Ever go on a Centrifugal force ride? The ones that hold you in place as they pick up speed and push you to the edge. You try to move your arm, but it’s dead. You get pushed further and further back into your seat while a weight sits on top of your chest and pulls at your face. Then BANG. There’s that sought after endorphin rush.

Well, that’s what watching The Woman in the Window (1944) feels like. A nail biter noir that lays on the tension until you’re pushed back into your seat and can’t turn away. Directed by Fritz Lang and considered a masterpiece of film-noir, The Woman in the Window has been added to Eureka! ever-growing Master of Cinema collection.

With his family away on vacation, psychology professor Richard Wanley (Edward G. Robinson) has the chance encounter with Alice Reed (Joan Bennett), the model for a painting he has been admiring. Accompanying her home to discuss the artwork, Wanley is attacked by Alice’s wealthy jealous boyfriend. Killing him in self-defence, Wanley and Alice realise that to go to the police will ruin them both, and work to cover up the crime. But as the police investigate, an ex-cop (Dan Duryea) begins to pile the pressure onto Wanley.

This is probably one of the tensest movies I have watched in a while. Lang adds layer after layer, building it up to breaking point. And what’s interesting is Lang doesn’t do it through tight, claustrophobic, close up shots. Most of the scenes are shot at Full/American range and at high angles. A step away from noir’s classic low angled medium/close shots. Low key lighting and thick oily shadows hide most of the detail of the scene, forcing you to focus on the action. That’s the key. Lang makes the viewer watch the work on the screen. Turning the psychological visuals up to full force this, with the obvious exceptions of M (1931) and Metropolis (1927), is one of Lang’s most significant works as a director. Despite being labelled a noir, The Woman in the Window goes back to the earlier expressionist and proto-noir of Lang’s German career.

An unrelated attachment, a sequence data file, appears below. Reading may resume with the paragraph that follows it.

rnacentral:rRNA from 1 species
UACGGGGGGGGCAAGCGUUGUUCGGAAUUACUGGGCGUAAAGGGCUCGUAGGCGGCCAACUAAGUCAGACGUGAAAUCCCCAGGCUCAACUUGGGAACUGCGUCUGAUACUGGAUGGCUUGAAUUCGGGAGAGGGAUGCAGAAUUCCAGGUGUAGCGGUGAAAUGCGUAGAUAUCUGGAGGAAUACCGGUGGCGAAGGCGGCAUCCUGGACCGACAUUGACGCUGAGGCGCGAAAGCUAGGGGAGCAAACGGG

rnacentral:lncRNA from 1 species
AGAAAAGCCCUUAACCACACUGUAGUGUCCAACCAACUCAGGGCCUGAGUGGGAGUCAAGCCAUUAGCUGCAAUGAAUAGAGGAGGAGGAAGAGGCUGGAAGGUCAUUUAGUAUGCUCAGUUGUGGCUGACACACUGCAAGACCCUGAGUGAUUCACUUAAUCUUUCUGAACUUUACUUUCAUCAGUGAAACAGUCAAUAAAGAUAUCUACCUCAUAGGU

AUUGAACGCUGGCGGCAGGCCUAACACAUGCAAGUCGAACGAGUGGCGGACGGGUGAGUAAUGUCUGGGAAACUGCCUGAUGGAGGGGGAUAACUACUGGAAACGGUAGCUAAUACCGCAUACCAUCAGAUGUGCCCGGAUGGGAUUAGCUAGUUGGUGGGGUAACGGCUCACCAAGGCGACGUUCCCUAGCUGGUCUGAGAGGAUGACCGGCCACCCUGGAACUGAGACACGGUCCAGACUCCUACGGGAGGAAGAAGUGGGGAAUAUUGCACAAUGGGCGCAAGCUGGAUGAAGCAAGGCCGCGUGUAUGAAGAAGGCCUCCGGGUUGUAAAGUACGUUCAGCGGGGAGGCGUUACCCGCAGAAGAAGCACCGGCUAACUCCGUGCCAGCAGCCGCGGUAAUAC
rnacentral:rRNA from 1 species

That said it’s not without its issues. Wanley and Reed, for the most part, are flat and two dimensional. Lacking development, they become stock characters. Though not the kind traditionally found in noir. Reed is not a femme fatale, nor is Wanley an anti-hero. Which may be the point. Ordinary people are thrown together in strange circumstances. But without an arc as such it ends up lacking.

But that’s just a minor quibble. My main objection comes at the end that for the sake of spoilers I won’t ruin and was no doubt included to appease the Hay’s Code rules. But beyond that, it’s still a good film.

The disk comes with a video essay by critic David Cairns, audio commentary by film historian Imogen Sara Smith and a collector’s booklet.

Dir: Fritz Lang
Scr: Nunnally Johnson
Cast: Edward G. Robinson, Joan Bennett, Dan Duryea
Prd: Nunnally Johnson
DOP: Milton Krasner
Music: Arthur Lange
Country: USA
Runtime: 99 minutes

The Woman in the Window is available on Blu-Ray now.